“A radiation-shielding, organic-thin-film-coated RadBag provides the direct benefit of more stability in the storage, transport, and disposal of alpha-producing waste material," said Dr. Aaron L. Washington II, the laboratory’s senior scientist and lead investigator for the EM research.

"This technology addresses the focus on alternative materials in radiation shielding and detection capabilities."

If successful, the coating "would resolve a complex technical challenge in the deactivation and decommissioning of inactive plutonium processing facilities requiring waste containers resistant to radiation degradation," according to DOE.


Tagged categories: DuPont; Hazardous waste; Nuclear Power Plants; Research; U.S. Department of Energy

Comment Join the Conversation:

Sign in to our community to add your comments.

New resins from BASF will have metals loving water!
Excellent corrosion resistance, low VOC, high gloss, thin films 800-231-7868

Jotun Paints Inc.
Jotun Jotachar 1709
Mesh-free passive fire protection epoxy designed to protect against hydrocarbon pool fire scenarios for up to four hours as defined in the ANSI/UL1709 standard.

Industrial Vacuum Equipment Corp.
Hurricane Vacuums
& Dust Collectors
Vacuum and dust collector hose, filters and related accessories.

Novatek Corporation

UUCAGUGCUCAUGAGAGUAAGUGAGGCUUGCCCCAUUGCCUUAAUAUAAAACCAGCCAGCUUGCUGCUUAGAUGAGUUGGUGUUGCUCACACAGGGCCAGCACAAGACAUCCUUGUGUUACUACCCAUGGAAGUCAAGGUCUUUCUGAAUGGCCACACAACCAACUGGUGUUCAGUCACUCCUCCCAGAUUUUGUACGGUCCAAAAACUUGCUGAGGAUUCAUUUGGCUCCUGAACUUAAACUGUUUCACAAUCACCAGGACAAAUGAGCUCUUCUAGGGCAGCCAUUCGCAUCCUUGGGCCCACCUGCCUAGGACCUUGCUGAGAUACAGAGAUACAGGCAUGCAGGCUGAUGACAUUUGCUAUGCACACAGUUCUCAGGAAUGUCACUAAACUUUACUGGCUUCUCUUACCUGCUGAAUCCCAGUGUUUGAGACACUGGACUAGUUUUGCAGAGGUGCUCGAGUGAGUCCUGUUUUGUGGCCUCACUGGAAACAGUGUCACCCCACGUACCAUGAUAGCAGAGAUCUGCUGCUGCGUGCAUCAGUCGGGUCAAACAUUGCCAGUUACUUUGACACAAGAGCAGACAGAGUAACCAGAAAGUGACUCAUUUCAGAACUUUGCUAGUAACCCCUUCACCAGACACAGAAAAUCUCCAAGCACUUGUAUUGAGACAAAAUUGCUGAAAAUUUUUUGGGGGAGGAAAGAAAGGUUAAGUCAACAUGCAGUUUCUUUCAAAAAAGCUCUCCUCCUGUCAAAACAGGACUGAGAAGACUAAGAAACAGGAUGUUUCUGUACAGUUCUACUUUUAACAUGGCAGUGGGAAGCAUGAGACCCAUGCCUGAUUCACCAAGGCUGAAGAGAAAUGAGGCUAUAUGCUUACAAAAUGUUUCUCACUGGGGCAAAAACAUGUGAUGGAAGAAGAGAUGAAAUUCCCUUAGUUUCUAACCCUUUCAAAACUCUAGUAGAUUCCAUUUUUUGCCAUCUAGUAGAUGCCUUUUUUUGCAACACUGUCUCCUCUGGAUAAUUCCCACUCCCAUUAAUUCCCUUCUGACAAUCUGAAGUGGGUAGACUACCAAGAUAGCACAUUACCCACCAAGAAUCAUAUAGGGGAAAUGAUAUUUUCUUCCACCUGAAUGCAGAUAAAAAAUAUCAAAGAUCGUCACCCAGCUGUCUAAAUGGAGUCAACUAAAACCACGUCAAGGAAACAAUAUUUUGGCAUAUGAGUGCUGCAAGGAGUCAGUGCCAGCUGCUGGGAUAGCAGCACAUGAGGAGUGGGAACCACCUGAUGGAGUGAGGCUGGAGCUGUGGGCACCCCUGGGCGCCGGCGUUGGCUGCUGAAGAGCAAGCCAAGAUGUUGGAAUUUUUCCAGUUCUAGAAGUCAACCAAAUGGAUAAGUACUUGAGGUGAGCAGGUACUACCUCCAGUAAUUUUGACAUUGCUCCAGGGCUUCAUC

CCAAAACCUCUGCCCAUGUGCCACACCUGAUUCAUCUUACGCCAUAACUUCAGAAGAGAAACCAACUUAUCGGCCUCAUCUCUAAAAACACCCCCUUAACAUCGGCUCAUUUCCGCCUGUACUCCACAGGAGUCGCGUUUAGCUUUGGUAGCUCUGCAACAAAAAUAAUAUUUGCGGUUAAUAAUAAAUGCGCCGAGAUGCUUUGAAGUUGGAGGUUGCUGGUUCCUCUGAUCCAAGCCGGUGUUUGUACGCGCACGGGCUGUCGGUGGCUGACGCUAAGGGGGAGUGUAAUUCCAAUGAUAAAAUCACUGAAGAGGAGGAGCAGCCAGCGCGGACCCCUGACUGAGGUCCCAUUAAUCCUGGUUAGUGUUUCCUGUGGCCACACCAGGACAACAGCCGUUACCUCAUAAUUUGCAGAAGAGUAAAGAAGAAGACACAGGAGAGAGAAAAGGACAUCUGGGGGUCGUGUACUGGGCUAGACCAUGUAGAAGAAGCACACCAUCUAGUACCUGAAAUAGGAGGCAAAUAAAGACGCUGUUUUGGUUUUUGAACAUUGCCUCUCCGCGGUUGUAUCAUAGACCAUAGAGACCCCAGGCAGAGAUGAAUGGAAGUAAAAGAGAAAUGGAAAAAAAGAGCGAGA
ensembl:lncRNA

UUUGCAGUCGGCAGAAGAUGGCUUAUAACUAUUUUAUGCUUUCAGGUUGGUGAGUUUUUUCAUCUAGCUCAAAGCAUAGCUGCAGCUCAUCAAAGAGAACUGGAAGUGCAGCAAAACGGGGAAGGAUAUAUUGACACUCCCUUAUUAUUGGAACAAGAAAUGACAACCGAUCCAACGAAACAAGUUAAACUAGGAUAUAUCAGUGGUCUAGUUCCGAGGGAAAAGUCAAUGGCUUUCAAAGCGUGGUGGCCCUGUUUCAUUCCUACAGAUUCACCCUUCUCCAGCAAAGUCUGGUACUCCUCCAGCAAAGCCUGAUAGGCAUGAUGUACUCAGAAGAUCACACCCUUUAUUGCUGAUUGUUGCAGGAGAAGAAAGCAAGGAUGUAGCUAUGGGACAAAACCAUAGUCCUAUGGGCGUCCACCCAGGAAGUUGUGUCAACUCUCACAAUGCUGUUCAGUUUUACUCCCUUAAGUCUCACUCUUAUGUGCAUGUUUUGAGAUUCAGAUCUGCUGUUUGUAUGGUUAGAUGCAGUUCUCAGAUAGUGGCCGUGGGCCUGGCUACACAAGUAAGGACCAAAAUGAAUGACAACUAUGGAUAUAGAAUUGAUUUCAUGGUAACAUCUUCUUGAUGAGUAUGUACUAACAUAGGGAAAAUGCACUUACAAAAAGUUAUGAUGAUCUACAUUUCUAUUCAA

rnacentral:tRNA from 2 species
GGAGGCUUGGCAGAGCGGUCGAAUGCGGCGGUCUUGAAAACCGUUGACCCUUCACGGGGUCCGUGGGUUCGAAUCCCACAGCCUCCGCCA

Dustless Coatings Removal
Novatek Corporation, Dustless Coatings Removal Strip, clean and profile all dust free! Comply with new lead standards. Contact today: (866) 563-7800

ARC / A.W. Chesterton Company
Chemical Resistant Lining
ARC S7 is a sprayable, novolac vinyl ester based, ceramic particle reinforced, protective coating for high temperature, chemical exposures where erosive particulates and thermal cycling conditions may be present. ARC S7 can be easily applied by brush, roller or airless spray system.

Carboline Company
Carboline launches new website!
The completely revamped website, offers quick and easy access to essential product information and is now mobile-friendly.

Mitsubishi Gas Chemical America
Performance Amine 1,3-BAC
A highly reactive cycloaliphatic diamine offering superior performance. Reasonable cost and curing efficacy makes it suitable for all types of epoxy resin applications.

Blastox/The TDJ Group, Inc.
Blastox® - One Step Lead Abatement
Sandblast additive delivered to jobsite pre-blended to eliminate hazardous abrasive wastes. Why mix, meter or apply at the job-site? Blast with ease and
Let your painters paint!

US Minerals
Blast with the best
The most effective blasting media on the market, Black Diamond hits harder and cleans faster.

Bullard Made in the USA


Technology Publishing Co., 1501 Reedsdale Street, Suite 2008, Pittsburgh, PA 15233

TEL 1-412-431-8300  • FAX  1-412-431-5428  •  EMAIL

The Technology Publishing Network

Durability + Design PaintSquare the Journal of Protective Coatings & Linings Paint BidTracker

EXPLORE:      JPCL   |   PaintSquare News   |   Interact   |   Buying Guides   |   Webinars   |   Resources   |   Classifieds
REGISTER AND SUBSCRIBE:      Free PaintSquare Registration   |   Subscribe to JPCL   |   Subscribe to PaintSquare News
MORE:      About   |   Privacy Policy   |   Terms & Conditions   |   Support   |   Site Map   |   Search   |   Contact Us